Topeka The Kansas Board of Regents today approved an 8 percent tuition increase for Kansas University students and endorsed a package of new financial aid programs.
The board also passed a $20 per credit hour fee for students at the KU School of Law. The fee will begin in fall 1993.
The tuition, fee and aid plan passed by the board was prepared by a committee appointed by regents.
Regents previously approved tuition increases for this fall of 10 percent for Kansas residents and 12.5 percent for non-residents at KU.
The board's action today will raise tuition in 1993-94 by 8 percent at KU, Wichita State University and Kansas State University. Tuition at the three other state universities will be raised 6 percent.
That means a KU resident undergraduate student will pay $786 a semester in 1993-94. A non-resident student at KU will pay $3,039 a semester.
A resident graduate student's tuition bill will rise to $990 a semester. The charge for a non-resident graduate student would be $3,269 a semester.
AT KU'S School of Medicine, the tuition increase will be held to 5 percent at the request of KU officials.
Robert Jerry, dean of KU's law school, said the law student fee will increase to $30 per credit hour in 1994-95 and $40 in 1995-96.
The money will be devoted to improving faculty salaries, the library, student services and financial assistance, Jerry said.
"The KU School of Law is seriously underfunded," he said. "If this situation is not corrected soon, the school's quality will suffer."
The fee will raise an estimated $300,000 in the first year, $450,000 in the second year and $600,000 in the following year if approved by the Legislature.
"We're anticipating success. There are a lot of lawyers over there," Regent Donald Slawson said.
The cost of the regents' financial aid proposal will escalate when phased in over four years.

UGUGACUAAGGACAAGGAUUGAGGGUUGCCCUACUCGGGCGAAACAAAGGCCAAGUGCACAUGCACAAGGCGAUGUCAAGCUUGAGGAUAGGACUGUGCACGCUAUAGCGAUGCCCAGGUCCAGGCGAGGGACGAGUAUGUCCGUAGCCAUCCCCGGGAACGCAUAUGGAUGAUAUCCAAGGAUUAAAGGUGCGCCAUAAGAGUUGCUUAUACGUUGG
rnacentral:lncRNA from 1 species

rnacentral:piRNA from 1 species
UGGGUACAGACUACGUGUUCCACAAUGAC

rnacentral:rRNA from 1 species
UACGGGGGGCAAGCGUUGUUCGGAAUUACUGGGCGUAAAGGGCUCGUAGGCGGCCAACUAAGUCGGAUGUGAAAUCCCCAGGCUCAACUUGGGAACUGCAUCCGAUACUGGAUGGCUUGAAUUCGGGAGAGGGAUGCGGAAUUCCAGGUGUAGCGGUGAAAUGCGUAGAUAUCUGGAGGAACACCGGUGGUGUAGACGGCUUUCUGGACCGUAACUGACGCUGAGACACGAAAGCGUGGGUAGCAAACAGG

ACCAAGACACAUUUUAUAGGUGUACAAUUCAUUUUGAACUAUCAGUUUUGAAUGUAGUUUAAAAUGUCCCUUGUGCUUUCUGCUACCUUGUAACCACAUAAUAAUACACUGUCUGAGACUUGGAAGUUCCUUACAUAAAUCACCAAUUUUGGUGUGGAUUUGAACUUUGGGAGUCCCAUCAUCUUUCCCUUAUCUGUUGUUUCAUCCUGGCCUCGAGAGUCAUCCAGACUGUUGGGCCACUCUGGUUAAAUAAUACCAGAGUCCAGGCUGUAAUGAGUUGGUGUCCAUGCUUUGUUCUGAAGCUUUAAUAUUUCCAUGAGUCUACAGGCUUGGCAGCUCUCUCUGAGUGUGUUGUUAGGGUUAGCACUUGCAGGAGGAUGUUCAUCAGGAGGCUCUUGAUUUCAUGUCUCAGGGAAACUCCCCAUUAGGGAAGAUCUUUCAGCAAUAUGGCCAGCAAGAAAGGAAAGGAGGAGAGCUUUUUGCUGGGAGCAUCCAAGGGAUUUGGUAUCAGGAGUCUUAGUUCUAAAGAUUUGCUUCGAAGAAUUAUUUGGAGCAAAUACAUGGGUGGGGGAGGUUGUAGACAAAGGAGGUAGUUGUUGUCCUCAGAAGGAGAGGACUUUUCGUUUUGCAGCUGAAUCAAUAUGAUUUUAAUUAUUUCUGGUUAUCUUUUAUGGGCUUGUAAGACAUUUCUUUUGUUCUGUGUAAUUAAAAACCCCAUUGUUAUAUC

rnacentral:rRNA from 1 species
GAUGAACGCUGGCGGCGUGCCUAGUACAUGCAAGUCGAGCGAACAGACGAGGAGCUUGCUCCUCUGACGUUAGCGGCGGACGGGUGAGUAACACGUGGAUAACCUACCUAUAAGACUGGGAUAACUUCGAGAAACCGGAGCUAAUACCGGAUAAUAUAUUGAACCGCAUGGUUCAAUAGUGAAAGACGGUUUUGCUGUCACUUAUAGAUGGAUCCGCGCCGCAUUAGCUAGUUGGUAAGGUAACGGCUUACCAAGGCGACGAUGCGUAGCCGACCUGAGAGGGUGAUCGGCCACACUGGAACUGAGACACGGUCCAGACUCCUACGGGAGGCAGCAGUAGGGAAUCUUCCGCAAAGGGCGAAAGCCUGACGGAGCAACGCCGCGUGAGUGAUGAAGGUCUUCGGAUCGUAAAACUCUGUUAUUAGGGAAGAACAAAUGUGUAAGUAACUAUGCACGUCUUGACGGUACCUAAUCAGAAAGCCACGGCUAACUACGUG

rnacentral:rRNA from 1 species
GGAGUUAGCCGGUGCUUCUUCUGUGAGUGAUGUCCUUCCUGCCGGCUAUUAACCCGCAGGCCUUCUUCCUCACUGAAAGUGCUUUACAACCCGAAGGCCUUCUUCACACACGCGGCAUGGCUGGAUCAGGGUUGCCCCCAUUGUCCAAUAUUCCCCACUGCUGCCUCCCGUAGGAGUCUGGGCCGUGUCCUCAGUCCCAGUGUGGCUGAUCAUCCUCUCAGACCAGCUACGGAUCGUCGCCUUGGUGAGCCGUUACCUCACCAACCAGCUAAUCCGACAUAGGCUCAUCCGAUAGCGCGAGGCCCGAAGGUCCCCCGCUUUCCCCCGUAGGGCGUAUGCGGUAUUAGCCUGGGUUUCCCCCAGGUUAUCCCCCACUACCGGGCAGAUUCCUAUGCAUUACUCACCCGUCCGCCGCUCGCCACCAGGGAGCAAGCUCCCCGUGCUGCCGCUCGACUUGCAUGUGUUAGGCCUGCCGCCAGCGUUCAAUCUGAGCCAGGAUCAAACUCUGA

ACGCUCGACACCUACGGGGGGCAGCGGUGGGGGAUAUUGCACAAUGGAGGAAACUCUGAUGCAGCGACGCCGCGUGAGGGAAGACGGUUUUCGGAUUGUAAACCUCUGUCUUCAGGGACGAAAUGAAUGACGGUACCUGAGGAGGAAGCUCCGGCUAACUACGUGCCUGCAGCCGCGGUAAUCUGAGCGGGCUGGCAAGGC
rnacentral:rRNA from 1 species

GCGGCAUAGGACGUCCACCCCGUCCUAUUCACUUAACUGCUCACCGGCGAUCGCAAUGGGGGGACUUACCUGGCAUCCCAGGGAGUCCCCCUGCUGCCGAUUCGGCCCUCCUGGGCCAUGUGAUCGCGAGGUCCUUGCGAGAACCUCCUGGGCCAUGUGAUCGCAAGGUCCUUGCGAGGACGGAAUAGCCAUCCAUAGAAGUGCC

THE PLAN contains:
$2.3 million for a need-based grant program for full-time students.
$500,000 to enhance the state scholarship program.
$126,000 for a 50 percent tuition waiver for Kansans who are National Merit and National Achievement scholars. Non-resident qualifiers will pay in-state tuition.
$288,000 for 72 non-resident tuition waivers for talented students, such as musicians, artists and athletes. Students will be charged the in-state rate. The number of waivers will grow to 280 in four years.
Jack Sampson, regents' chairman, objected to devoting one-third of the tuition waivers to university athletes. After phasing in the program, KU will have 25 athletic and 50 non-athletic tuition waivers.
"Are one-third of our students athletes?" Sampson said. "We should emphasize the academic side."
REGENT Charles Hostetler said university athletic departments are struggling to balance their budgets and be competitive in sports.
"This is a way to help them," he said.
Slawson, chair of the tuition and fees committee, said this waiver will assist minority students because many participate in intercollegiate athletics.
"The clear, positive implication is that when we help athletic departments we help minority students," he said.
"I don't think this is going to help minority athletes at all. This going to help the athletic budget," he said.
KU Chancellor Gene Budig defended the tuition waiver for athletes. KU's athletic department stays afloat only by raising about $3 million a year in donations, he said.